Turkey's infamous Diyarbakir prison empties for museum makeover / Andrew Wilks

Diyarbakir prison, a symbol of torture and oppression for decades in Turkey, has finally closed to be made into a museum, but some activists see whitewashing on its bloodstained walls.

Turning the key in an oversized padlock fastened to the doors of Diyarbakir prison in southeast Turkey Sunday, Justice Minister Bekir Bozdag said he was ending one of the darkest periods in the country’s history.

The imposing structure in the heart of the city — known for horrific human rights abuses in the 1980s and 1990s — is to reopen as a museum.

Bozdag said the new attraction would follow the examples of Yassiada, an island off Istanbul where government ministers were tried following Turkey’s 1960 coup, and Ankara’s Ulucanlar prison in becoming reminders of previous injustices.

Accepting the key from Bozdag, Culture and Tourism Minister Mehmet Nuri Ersoy said the museum would allow visitors to “learn from our past mistakes … so as not to repeat them in the future.”

According to the Mezopotamya news agency, the last remaining 270 prisoners were moved out just two weeks ago.

Some ex-prisoners and human rights campaigners fear the museum may gloss over the horrors committed within its walls.

“They want all the world to forget this prison,” said Celalettin Can, who spent some of his 20 years of political imprisonment in the jail. “They must tell people what happened.”

The prison was known as Diyarbakir Military Prison No. 5 in the years of military rule following the 1980 coup. In the months following the coup, the prison, located in the de facto capital of Turkey’s Kurdish-majority region, soon filled with mostly Kurdish leftists scooped up in the crackdown.

During the early and mid-1980s, prisoners were subjected to systematic torture including beatings, electric shocks, rape and sensory deprivation. The prison’s governor during this period, Esat Oktay Yildiran, reportedly trained his dog to bite prisoners’ genitals and forced them to salute the animal.

At least 57 prisoners died under torture over a two-year period in the early 1980s, according to the American Kurdish Information Network. Dozens more others are believed to have died in similar circumstances.

The prison has played a defining role in the Kurdish movement. Many Kurdish politicians such as Ahmet Turk, a former lawmaker and mayor, and Gultan Kisanak, who served as a legislator and mayor before she was jailed again in 2016, were imprisoned in Diyarbakir. They have been among those calling for the prison to be made into a “museum of shame” that tells the story of the human rights abuses carried out behind its steel gates.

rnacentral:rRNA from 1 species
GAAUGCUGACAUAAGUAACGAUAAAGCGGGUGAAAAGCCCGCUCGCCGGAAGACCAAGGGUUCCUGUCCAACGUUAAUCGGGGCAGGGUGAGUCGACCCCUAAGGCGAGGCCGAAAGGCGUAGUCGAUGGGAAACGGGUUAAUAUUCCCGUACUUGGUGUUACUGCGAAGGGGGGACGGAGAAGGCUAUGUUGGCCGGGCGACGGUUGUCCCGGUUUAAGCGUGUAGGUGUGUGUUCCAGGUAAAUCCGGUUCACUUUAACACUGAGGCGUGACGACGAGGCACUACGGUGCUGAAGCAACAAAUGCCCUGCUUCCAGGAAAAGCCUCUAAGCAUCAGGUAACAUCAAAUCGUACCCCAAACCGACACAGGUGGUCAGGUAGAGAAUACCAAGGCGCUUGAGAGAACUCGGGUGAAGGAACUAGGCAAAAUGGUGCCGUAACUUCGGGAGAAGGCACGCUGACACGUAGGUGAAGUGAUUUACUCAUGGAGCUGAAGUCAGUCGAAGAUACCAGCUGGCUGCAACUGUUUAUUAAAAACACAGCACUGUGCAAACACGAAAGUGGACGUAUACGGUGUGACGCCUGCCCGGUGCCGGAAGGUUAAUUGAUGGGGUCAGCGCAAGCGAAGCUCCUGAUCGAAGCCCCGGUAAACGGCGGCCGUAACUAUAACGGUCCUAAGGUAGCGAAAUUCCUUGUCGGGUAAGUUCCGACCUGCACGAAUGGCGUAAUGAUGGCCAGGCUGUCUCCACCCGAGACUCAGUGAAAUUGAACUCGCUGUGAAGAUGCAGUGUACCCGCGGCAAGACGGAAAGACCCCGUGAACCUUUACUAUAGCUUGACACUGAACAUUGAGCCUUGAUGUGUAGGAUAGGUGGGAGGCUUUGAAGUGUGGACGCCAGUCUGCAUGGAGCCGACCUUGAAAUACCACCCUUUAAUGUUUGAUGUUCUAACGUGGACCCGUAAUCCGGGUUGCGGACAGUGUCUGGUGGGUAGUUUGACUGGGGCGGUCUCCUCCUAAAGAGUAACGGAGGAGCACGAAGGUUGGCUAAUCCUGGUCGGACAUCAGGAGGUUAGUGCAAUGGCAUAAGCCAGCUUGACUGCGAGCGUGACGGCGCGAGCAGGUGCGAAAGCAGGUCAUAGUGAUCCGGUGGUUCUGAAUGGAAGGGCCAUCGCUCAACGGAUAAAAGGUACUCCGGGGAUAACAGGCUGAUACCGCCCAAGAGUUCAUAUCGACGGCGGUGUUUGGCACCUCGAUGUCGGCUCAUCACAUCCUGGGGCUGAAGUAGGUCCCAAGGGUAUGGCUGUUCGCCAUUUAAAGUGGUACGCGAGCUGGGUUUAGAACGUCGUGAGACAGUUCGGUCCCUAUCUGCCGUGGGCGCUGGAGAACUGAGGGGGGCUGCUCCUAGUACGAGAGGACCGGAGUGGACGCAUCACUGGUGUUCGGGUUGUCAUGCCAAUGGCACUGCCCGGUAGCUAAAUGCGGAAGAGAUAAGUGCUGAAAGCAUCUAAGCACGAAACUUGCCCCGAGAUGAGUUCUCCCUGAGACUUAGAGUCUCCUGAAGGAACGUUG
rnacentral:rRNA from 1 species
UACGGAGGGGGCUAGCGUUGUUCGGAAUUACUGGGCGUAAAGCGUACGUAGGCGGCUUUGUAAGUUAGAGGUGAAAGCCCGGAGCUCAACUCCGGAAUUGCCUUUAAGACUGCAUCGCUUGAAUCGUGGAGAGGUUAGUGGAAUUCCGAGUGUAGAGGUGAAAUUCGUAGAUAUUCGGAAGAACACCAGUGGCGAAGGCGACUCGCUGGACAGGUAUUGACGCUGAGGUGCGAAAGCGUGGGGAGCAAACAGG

The museum plans, however, may fall short of their expectations.

In a visit to Diyarbakir on Sunday, President Recep Tayyip Erdogan told a crowd of supporters that the prison building would serve as a venue for a library, culture and arts center as well as a museum.

Can, the former prisoner who is now the spokesperson for a human rights organization called the 78s Initiative, underlined the prison’s role in the collective memory of the Kurds.

“It is not possible to turn Diyarbakir prison into a cultural center, to say ‘Let’s forget,’ because of the multiple injustices suffered by the Kurds,” he said. “Diyarbakir prison has a special and critical importance in facing our truths.”

Calling for the prison be turned into a human rights museum, he added, “For justice and social peace, it is necessary to bring to the light of democracy those who destroy the democratic forces of this country, those who create and exist in this darkness, those who break people and destroy dignity, those who commit crimes against humanity.”

Meral Danis Bestas of the People's Democratic Party questioned how the story of the prison would be told and pointed to allegations of ongoing abuses in the prison system.

“This atrocity is still relevant. While torture is still going on and bodies are coming out of prisons, what will be exhibited in this museum?” she said a news conference in Ankara Monday.

“Will Esat Oktay’s photograph or the deeds of his dog … be exhibited? What will be on display?” she asked. “Will the truth be confronted? Will the truth be revealed?"

Bestas thundered that the idea of a museum suggests the events exhibited are over. “It means that it is history," she said. But "we are experiencing this brutality in the present, not in the past.”


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